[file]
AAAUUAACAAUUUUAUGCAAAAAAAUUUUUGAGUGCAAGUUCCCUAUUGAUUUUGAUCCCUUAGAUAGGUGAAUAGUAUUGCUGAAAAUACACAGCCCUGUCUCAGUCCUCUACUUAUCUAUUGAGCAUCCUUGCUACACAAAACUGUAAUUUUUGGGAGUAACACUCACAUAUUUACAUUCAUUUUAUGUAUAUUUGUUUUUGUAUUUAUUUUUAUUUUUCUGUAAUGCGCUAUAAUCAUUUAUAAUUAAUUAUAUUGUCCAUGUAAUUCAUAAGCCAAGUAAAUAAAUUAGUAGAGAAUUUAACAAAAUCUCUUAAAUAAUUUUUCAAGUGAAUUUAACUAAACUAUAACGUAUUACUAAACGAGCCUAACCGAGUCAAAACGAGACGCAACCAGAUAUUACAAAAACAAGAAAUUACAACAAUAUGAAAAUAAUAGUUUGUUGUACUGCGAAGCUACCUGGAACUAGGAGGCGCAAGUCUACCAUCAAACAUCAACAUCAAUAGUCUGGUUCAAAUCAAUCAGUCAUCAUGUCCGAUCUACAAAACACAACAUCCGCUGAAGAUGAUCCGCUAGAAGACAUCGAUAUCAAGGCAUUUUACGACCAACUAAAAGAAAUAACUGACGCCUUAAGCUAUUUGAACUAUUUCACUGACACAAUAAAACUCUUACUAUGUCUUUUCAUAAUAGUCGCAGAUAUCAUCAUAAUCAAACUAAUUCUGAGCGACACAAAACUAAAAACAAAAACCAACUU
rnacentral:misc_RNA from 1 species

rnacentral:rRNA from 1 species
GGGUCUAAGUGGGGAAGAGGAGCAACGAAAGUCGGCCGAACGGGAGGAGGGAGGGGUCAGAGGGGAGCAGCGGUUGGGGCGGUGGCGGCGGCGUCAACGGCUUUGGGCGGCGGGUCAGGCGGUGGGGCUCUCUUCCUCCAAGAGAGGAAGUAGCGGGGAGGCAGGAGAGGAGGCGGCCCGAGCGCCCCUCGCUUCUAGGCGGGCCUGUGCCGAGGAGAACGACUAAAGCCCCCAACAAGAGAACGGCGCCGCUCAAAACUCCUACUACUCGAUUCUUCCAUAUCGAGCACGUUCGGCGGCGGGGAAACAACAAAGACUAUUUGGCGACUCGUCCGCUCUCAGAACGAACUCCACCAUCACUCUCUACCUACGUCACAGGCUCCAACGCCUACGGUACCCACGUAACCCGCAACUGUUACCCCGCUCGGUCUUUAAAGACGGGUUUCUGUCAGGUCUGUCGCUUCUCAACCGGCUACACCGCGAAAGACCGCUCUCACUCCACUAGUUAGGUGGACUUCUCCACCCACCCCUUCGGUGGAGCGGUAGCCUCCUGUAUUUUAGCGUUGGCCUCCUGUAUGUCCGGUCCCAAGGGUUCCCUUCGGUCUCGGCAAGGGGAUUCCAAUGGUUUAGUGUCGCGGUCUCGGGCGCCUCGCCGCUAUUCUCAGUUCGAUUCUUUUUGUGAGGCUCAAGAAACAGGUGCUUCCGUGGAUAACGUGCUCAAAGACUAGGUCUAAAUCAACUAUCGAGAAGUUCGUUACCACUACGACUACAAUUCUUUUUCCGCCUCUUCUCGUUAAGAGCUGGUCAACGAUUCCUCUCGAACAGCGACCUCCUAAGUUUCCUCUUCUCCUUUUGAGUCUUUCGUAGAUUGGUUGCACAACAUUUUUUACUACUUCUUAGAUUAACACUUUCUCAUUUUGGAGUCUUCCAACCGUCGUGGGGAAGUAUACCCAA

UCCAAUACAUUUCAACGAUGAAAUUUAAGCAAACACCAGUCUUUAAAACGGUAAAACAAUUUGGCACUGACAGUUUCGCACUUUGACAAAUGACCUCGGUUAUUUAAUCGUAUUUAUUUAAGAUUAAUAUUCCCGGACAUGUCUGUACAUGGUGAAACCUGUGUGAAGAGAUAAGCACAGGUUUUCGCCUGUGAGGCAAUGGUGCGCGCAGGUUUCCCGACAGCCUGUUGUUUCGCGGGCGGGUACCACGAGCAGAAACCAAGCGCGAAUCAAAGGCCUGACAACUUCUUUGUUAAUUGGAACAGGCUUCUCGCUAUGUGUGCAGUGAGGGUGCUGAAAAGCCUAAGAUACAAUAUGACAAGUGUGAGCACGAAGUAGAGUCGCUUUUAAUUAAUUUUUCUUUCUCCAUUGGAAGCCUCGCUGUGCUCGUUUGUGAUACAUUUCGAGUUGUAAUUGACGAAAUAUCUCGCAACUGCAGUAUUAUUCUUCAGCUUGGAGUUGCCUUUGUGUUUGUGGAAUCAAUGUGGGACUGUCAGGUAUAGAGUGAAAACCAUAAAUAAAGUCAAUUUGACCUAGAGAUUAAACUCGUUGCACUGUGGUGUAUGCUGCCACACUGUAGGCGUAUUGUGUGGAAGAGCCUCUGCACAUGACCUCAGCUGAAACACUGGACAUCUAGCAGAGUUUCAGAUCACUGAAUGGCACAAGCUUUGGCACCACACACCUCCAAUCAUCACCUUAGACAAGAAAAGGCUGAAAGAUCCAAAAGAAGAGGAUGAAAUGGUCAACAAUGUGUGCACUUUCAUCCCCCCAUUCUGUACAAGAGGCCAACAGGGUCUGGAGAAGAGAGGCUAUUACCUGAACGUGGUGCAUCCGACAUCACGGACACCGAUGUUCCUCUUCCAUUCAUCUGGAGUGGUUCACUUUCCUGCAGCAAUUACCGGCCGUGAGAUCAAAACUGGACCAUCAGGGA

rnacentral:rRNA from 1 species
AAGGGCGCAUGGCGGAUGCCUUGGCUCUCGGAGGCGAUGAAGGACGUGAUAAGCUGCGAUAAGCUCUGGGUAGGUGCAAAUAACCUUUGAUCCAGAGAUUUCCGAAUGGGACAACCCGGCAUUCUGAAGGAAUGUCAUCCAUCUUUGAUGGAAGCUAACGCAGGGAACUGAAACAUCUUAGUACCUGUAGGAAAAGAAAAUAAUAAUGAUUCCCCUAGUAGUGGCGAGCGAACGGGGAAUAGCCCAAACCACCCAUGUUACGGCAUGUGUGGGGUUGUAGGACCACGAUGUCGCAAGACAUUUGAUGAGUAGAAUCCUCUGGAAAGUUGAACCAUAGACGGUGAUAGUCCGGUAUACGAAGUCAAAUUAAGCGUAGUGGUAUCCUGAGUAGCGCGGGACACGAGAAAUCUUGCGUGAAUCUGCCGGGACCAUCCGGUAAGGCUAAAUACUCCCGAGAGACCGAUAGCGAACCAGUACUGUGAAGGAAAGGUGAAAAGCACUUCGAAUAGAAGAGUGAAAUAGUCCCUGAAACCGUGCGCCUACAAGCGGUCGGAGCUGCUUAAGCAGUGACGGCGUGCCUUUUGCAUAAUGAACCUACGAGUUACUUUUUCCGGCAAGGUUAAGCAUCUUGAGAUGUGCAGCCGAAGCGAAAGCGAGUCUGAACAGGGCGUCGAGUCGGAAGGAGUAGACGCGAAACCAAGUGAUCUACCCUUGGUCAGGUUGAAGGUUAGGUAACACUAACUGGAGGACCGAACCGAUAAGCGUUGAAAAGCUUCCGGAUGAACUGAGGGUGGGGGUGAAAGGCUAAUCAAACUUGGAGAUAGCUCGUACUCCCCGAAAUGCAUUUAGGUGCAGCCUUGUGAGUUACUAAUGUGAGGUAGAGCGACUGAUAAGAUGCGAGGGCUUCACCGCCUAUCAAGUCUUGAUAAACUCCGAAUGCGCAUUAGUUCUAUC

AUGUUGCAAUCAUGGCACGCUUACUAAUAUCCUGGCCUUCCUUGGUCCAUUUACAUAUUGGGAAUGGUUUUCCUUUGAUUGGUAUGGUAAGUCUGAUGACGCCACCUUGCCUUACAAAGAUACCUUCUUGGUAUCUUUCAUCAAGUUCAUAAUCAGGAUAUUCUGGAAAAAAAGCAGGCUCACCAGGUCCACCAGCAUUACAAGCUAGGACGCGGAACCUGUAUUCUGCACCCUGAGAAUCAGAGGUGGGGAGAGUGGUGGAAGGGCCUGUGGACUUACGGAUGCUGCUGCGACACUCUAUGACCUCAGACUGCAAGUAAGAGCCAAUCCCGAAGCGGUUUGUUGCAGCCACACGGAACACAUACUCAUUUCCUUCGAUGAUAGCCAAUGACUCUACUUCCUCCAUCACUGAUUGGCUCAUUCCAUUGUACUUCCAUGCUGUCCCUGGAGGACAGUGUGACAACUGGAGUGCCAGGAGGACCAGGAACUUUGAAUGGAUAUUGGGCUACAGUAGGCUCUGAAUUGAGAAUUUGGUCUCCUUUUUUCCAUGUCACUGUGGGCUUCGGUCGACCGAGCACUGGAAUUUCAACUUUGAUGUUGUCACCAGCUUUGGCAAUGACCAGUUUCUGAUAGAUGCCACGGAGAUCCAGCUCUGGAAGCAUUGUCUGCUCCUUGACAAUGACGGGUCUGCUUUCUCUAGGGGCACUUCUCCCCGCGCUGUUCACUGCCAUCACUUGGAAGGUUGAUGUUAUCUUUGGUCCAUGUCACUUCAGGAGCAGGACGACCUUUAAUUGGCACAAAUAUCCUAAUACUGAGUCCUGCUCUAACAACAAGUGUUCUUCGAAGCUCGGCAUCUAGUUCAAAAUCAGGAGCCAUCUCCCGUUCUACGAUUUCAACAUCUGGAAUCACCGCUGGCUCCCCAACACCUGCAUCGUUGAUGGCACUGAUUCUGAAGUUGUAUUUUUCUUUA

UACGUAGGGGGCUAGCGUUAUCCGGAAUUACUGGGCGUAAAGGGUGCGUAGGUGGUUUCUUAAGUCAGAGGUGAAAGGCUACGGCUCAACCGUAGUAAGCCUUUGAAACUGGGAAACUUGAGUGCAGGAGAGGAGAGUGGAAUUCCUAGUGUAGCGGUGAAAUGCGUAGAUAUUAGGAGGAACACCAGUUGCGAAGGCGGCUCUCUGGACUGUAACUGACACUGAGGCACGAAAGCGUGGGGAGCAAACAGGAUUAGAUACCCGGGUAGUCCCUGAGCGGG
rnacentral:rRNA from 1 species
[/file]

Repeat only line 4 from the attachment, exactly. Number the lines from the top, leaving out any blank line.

GGGUCUAAGUGGGGAAGAGGAGCAACGAAAGUCGGCCGAACGGGAGGAGGGAGGGGUCAGAGGGGAGCAGCGGUUGGGGCGGUGGCGGCGGCGUCAACGGCUUUGGGCGGCGGGUCAGGCGGUGGGGCUCUCUUCCUCCAAGAGAGGAAGUAGCGGGGAGGCAGGAGAGGAGGCGGCCCGAGCGCCCCUCGCUUCUAGGCGGGCCUGUGCCGAGGAGAACGACUAAAGCCCCCAACAAGAGAACGGCGCCGCUCAAAACUCCUACUACUCGAUUCUUCCAUAUCGAGCACGUUCGGCGGCGGGGAAACAACAAAGACUAUUUGGCGACUCGUCCGCUCUCAGAACGAACUCCACCAUCACUCUCUACCUACGUCACAGGCUCCAACGCCUACGGUACCCACGUAACCCGCAACUGUUACCCCGCUCGGUCUUUAAAGACGGGUUUCUGUCAGGUCUGUCGCUUCUCAACCGGCUACACCGCGAAAGACCGCUCUCACUCCACUAGUUAGGUGGACUUCUCCACCCACCCCUUCGGUGGAGCGGUAGCCUCCUGUAUUUUAGCGUUGGCCUCCUGUAUGUCCGGUCCCAAGGGUUCCCUUCGGUCUCGGCAAGGGGAUUCCAAUGGUUUAGUGUCGCGGUCUCGGGCGCCUCGCCGCUAUUCUCAGUUCGAUUCUUUUUGUGAGGCUCAAGAAACAGGUGCUUCCGUGGAUAACGUGCUCAAAGACUAGGUCUAAAUCAACUAUCGAGAAGUUCGUUACCACUACGACUACAAUUCUUUUUCCGCCUCUUCUCGUUAAGAGCUGGUCAACGAUUCCUCUCGAACAGCGACCUCCUAAGUUUCCUCUUCUCCUUUUGAGUCUUUCGUAGAUUGGUUGCACAACAUUUUUUACUACUUCUUAGAUUAACACUUUCUCAUUUUGGAGUCUUCCAACCGUCGUGGGGAAGUAUACCCAA